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When I was around 13 years old I was incredibly interested in cars. This was only solidified when The Fast and the Furious came out in 2001. I spent hours and hours reading magazines like Super Street and Import Tuner along with searching what was around on the internet at the time for car parts. Of course at age 13 I had no money to actually indulge in buying these parts, let alone the car to put them on - but I still built elaborate Microsoft Excel sheets that listed the car and all of the mods I would do to it. I continued to do this, even after I did finally pick up my first car - a 1964 1/2 Ford Mustang.


Well…. I once again have found myself with that same boyish desire to pull out an Excel spreadsheet and start listing out everything I would like to do to a plane before I even have the plane in my posession. I am admittedly a little further along in my plane journey than I was as a 13 year old with no money wanting a MK4 Toyota Supra. As I am writing this I am under contract on a 1977 A36 Bonanza that does not have much more done to it than the factory delivered.

The world of aviation does differ from the automotive world when it comes to making modifications to what was delivered from the factory. In the automotive world you can replace, modify, add, or remove any portion of the vehicle - pending remaining road legal per the Department of Transportation wherever you happen to live - or just treat it as an off-road or track vehicle and have more or different freedoms around modification. The same is not true for certified aircraft.

Certified vs Experimental Aircraft

The Federal Aviation Administration (FAA) deals with three types of certification:

  • Type certification - the approval of the design of an aircraft and all component parts (propellers, engines, controls, etc.) Type certification signifies the design is in compliance with applicable airworthiness, noise, fuel venting, and exhaust emission standards.
  • Production certification - the approval to manufacture duplicate products under an FAA approved type design. Production certification signifies than an organization and its personnel, facilities, and quality systems can produce a product that conforms to its approved design.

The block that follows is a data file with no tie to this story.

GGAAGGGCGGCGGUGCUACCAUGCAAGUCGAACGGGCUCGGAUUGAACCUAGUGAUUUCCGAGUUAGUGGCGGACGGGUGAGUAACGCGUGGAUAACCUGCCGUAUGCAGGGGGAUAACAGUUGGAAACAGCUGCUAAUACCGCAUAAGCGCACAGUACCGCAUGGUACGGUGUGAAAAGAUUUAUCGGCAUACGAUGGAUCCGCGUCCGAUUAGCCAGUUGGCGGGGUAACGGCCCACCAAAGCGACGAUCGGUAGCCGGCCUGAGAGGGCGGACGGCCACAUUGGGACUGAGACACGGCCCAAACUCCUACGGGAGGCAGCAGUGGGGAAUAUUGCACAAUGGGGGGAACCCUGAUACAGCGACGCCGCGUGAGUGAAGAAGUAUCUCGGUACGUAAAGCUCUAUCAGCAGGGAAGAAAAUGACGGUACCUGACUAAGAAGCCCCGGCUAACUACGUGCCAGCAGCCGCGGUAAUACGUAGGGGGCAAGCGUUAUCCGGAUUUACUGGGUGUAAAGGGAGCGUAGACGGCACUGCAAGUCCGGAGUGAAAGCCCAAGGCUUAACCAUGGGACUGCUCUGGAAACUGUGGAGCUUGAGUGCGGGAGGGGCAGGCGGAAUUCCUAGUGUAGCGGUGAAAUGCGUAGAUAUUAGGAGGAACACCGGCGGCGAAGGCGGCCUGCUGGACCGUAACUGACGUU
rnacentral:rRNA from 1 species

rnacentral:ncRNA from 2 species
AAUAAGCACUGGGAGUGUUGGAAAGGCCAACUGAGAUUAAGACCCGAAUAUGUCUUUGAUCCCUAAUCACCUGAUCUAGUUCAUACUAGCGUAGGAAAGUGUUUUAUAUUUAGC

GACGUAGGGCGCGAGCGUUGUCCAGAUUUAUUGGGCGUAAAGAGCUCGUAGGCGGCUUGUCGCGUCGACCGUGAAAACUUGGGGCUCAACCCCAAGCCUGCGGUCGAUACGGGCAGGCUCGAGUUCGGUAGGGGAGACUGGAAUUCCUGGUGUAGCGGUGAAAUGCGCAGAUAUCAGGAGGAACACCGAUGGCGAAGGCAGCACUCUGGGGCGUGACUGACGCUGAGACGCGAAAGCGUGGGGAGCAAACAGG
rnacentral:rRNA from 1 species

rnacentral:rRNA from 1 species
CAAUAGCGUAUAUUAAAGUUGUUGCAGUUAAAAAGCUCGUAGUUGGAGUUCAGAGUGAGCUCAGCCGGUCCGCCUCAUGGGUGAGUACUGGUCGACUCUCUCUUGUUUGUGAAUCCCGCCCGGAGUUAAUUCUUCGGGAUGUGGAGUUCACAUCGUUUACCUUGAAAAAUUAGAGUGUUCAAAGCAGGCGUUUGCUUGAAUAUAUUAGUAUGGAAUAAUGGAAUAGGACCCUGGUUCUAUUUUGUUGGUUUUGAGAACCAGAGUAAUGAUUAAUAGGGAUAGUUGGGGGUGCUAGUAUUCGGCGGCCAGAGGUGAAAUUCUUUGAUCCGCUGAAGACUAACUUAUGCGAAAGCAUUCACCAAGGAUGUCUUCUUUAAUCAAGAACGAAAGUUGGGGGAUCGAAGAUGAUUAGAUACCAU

• Airworthiness certification - signifies that an aircraft meets its approved type design (if applicable) and is in a condition for safe operation.

These three types of certification are covered in the Code of Federal Regulations (CFR), Title 14, Part 21

Certified Aircraft

Aircraft manufacturers, like Beechcraft/Textron Aviation, went through the process of designing an aircraft, building an aircraft, getting the design/implementation of that aircraft a type certification from the FAA, then proceeded to get a production certification to build more than that single instance of that aircraft, and each aircraft when coming off of the production line was granted an airwirthiness certification.

Experimental Aircraft

There are other avenues for taking to the sky. You can in fact build your own airplane according to your own design, build an airplane from a kit, or buy an airplane that someone else has built from their design or from a kit.

Amateur Designed & Built Aircraft

When building a plane from your own design - the plane will not have a type certificate, and the production certificate is likely not applicable.

Amateur Built Kit Aircraft

If you choose to build a plane from a kit (I do hope to do this someday) - like an aircraft from Vans Aircraft - Vans will hold a production certification to produce the kits, but no type certification.

In any experimental aircraft however, an airworthiness certification must be obtained.

Modifications to Certified Aircraft

If an unapproved modification is made to a certified aircraft, that aircraft simply becomes unairworthy - unable to fly entirely. There are ways to regain this airworthiness, but it’s typically a long, expensive and arduous process.

Modifications to Experimental Aircraft